USDA Implements National Animal Identification System

The National Animal Identification System (NAIS) keeps track of all livestock, but may benefits large, commercial growers rather than small farmers.
By Umut Newbury
February/March 2006
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Critics of the NAIS are concerned the identification program will invade farmers’ privacy and create heavy financial burdens for small-scale producers.
PHOTO: FOTOLIA/PRILL MEDIENDESIGN


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The U.S. Department of Agriculture (USDA) is developing a National Animal Identification System (NAIS) for all livestock. The plan — which may become mandatory — would require every person who owns even one livestock animal to register in a federal database and to tag the animal, possibly with a microchip that can be read from a distance.

The USDA says the program would help identify farm animals exposed to diseases, so that problems can be contained and eradicated quickly.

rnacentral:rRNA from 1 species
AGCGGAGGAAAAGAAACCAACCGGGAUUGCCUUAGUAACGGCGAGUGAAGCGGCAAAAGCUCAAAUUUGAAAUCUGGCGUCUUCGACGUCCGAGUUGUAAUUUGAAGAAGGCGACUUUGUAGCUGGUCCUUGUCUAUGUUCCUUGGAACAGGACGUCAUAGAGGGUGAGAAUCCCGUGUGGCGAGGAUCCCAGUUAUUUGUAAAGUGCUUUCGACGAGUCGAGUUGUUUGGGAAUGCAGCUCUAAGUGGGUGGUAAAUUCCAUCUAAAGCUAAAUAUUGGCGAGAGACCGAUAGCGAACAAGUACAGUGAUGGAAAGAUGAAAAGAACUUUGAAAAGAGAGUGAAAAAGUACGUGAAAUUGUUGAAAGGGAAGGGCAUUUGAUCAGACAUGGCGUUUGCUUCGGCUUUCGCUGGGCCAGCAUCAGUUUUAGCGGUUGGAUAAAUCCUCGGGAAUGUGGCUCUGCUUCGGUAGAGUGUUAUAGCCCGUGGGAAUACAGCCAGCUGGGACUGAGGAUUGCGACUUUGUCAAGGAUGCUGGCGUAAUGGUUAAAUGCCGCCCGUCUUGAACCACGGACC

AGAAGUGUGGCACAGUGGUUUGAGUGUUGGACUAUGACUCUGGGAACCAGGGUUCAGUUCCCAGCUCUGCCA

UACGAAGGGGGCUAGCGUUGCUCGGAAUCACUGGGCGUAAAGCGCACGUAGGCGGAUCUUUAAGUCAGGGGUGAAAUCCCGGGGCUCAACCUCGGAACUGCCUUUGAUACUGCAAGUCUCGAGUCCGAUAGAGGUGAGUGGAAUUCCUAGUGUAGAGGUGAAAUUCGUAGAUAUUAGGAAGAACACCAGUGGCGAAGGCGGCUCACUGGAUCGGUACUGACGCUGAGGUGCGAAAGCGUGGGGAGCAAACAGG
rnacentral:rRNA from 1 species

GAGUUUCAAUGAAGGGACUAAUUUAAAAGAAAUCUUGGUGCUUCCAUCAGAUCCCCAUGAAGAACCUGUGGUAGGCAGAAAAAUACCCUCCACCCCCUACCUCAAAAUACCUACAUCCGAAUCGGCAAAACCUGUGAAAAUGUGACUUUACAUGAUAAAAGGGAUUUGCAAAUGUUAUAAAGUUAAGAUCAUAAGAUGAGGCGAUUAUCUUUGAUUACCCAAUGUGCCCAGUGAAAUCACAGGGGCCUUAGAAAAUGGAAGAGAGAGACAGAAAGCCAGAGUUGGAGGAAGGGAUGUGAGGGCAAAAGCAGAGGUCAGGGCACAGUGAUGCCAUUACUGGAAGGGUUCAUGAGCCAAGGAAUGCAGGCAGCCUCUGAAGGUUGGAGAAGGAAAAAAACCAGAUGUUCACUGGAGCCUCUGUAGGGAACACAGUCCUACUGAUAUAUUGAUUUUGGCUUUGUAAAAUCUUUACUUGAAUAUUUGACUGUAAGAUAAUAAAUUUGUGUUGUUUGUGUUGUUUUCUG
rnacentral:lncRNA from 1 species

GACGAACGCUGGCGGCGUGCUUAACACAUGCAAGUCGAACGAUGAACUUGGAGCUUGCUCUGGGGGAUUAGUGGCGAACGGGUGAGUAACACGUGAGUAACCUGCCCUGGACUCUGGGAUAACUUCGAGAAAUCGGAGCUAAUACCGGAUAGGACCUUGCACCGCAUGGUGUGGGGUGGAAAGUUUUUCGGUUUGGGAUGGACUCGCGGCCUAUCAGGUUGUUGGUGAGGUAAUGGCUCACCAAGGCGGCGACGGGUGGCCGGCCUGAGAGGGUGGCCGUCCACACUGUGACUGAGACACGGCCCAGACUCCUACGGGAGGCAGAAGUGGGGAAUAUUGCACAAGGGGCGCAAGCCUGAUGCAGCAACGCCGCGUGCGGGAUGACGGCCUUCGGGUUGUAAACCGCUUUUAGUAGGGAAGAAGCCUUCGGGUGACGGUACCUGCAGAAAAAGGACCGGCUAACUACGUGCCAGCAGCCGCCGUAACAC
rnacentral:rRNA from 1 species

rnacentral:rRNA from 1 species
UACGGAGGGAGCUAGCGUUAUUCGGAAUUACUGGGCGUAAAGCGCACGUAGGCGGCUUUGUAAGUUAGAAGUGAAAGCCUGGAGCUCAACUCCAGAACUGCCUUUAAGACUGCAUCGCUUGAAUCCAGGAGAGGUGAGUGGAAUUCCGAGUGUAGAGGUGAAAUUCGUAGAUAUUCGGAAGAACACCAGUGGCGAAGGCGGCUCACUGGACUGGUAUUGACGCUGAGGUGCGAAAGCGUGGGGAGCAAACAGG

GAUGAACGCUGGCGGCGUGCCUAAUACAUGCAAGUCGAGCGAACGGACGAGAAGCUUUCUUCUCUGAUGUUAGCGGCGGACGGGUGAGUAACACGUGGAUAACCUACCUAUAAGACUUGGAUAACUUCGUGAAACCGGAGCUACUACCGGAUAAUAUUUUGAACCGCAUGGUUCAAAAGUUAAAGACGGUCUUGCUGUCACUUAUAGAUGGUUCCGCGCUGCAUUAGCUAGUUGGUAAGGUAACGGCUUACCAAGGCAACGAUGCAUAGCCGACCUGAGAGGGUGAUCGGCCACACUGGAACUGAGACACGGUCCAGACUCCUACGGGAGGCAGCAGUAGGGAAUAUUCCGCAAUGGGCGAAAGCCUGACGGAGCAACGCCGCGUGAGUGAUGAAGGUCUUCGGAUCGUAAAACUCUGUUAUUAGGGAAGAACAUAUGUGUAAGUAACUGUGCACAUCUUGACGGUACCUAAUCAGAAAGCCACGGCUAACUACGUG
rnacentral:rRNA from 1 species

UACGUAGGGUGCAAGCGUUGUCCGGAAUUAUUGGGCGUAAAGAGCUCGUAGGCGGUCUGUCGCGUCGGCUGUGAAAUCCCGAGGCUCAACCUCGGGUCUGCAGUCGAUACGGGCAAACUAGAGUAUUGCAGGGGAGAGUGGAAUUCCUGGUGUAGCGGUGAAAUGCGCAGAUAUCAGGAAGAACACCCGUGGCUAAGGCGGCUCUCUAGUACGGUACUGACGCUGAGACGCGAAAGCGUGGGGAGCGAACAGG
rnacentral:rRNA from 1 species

Critics say that NAIS is just another program designed to benefit large-scale producers whose animals have a higher risk of disease outbreaks. They are also concerned the identification program will invade farmers’ privacy and create heavy financial burdens for small-scale producers.

To learn more about the potential problems of the National Animal Identification System, search for the article “The Real Deal: Tagging Terrorist Chickens” at Scoop – New Zealand News. For the USDA’s perspective and to read the public comments on the proposal, go to the Animal Disease Traceability page on the USDA’s website.








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